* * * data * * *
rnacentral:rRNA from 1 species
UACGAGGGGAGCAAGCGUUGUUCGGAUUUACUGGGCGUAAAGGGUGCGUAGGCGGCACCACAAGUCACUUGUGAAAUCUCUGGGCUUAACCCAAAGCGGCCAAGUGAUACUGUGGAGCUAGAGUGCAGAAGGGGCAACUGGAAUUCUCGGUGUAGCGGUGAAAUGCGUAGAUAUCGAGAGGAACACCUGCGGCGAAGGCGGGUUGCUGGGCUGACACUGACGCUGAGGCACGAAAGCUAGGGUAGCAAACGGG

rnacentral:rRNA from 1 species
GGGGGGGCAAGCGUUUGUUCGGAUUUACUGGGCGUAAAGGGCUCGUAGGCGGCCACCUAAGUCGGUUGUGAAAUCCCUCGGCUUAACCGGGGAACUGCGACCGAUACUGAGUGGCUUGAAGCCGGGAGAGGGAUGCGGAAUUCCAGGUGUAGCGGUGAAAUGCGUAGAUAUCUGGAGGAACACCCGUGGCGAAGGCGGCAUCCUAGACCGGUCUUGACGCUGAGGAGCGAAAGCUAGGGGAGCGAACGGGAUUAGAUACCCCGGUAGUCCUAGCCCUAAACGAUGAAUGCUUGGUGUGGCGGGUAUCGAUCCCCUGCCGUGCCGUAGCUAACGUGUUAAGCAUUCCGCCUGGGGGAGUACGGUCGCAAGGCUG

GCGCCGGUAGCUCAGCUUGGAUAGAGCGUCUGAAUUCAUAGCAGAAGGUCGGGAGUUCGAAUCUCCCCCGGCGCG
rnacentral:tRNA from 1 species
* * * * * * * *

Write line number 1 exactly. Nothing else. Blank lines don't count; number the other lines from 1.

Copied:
rnacentral:rRNA from 1 species